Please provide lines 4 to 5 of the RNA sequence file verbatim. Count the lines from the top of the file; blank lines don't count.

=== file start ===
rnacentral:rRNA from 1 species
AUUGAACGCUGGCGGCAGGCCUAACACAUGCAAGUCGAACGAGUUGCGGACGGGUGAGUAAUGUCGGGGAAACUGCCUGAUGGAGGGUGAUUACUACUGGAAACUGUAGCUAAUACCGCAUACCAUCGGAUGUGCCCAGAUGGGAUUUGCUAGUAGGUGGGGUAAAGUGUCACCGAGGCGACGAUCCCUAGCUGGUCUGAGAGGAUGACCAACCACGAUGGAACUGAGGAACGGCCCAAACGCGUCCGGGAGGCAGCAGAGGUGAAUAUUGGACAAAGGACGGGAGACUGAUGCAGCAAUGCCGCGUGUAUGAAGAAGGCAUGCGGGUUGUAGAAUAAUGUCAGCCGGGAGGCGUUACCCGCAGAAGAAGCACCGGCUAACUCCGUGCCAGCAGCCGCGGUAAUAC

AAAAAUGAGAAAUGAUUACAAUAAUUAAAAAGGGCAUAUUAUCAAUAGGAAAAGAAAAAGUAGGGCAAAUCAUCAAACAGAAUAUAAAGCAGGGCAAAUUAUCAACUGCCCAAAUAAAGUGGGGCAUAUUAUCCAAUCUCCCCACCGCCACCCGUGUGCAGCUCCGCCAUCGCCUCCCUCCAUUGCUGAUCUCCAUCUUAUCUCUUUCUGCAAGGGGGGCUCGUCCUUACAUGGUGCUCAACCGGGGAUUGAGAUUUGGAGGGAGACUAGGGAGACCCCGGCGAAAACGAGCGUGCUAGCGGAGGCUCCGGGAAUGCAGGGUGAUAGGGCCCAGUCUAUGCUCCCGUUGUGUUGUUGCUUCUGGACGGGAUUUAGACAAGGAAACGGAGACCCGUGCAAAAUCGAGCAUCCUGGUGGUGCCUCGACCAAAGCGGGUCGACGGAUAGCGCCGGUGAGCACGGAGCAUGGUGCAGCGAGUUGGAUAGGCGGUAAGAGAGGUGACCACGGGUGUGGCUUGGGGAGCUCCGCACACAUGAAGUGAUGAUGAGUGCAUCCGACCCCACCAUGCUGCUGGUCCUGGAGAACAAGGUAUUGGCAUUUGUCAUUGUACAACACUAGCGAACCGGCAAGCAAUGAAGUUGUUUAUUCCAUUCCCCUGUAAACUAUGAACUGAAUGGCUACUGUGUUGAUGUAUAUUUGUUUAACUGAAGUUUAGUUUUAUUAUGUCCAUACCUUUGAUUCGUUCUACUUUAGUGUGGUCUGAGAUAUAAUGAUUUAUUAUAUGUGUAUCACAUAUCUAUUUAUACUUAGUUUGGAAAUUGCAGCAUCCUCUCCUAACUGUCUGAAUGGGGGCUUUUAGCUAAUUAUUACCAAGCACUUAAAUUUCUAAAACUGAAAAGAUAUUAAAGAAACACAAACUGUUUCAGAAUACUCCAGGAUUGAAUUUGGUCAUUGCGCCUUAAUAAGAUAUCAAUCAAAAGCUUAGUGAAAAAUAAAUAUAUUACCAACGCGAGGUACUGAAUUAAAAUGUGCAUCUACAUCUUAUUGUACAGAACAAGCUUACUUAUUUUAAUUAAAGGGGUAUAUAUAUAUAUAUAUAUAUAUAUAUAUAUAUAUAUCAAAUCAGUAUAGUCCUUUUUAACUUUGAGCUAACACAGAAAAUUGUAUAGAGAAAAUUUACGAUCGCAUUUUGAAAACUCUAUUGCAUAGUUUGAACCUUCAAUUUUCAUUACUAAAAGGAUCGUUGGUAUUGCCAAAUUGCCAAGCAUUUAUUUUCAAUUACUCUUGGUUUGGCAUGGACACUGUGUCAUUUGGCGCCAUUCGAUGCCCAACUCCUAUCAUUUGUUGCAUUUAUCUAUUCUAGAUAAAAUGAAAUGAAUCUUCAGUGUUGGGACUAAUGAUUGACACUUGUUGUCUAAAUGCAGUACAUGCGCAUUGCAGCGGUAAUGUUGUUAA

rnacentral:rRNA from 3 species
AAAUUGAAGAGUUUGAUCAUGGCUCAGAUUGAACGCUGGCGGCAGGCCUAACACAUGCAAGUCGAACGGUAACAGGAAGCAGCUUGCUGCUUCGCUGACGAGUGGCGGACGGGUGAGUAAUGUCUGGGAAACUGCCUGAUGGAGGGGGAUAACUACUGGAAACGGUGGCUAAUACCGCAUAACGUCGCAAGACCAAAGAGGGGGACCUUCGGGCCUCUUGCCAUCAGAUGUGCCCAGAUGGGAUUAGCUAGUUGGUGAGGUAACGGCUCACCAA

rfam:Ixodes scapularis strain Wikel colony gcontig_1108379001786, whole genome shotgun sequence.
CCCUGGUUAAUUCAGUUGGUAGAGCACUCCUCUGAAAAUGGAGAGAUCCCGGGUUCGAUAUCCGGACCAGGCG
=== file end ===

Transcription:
rnacentral:rRNA from 3 species
AAAUUGAAGAGUUUGAUCAUGGCUCAGAUUGAACGCUGGCGGCAGGCCUAACACAUGCAAGUCGAACGGUAACAGGAAGCAGCUUGCUGCUUCGCUGACGAGUGGCGGACGGGUGAGUAAUGUCUGGGAAACUGCCUGAUGGAGGGGGAUAACUACUGGAAACGGUGGCUAAUACCGCAUAACGUCGCAAGACCAAAGAGGGGGACCUUCGGGCCUCUUGCCAUCAGAUGUGCCCAGAUGGGAUUAGCUAGUUGGUGAGGUAACGGCUCACCAA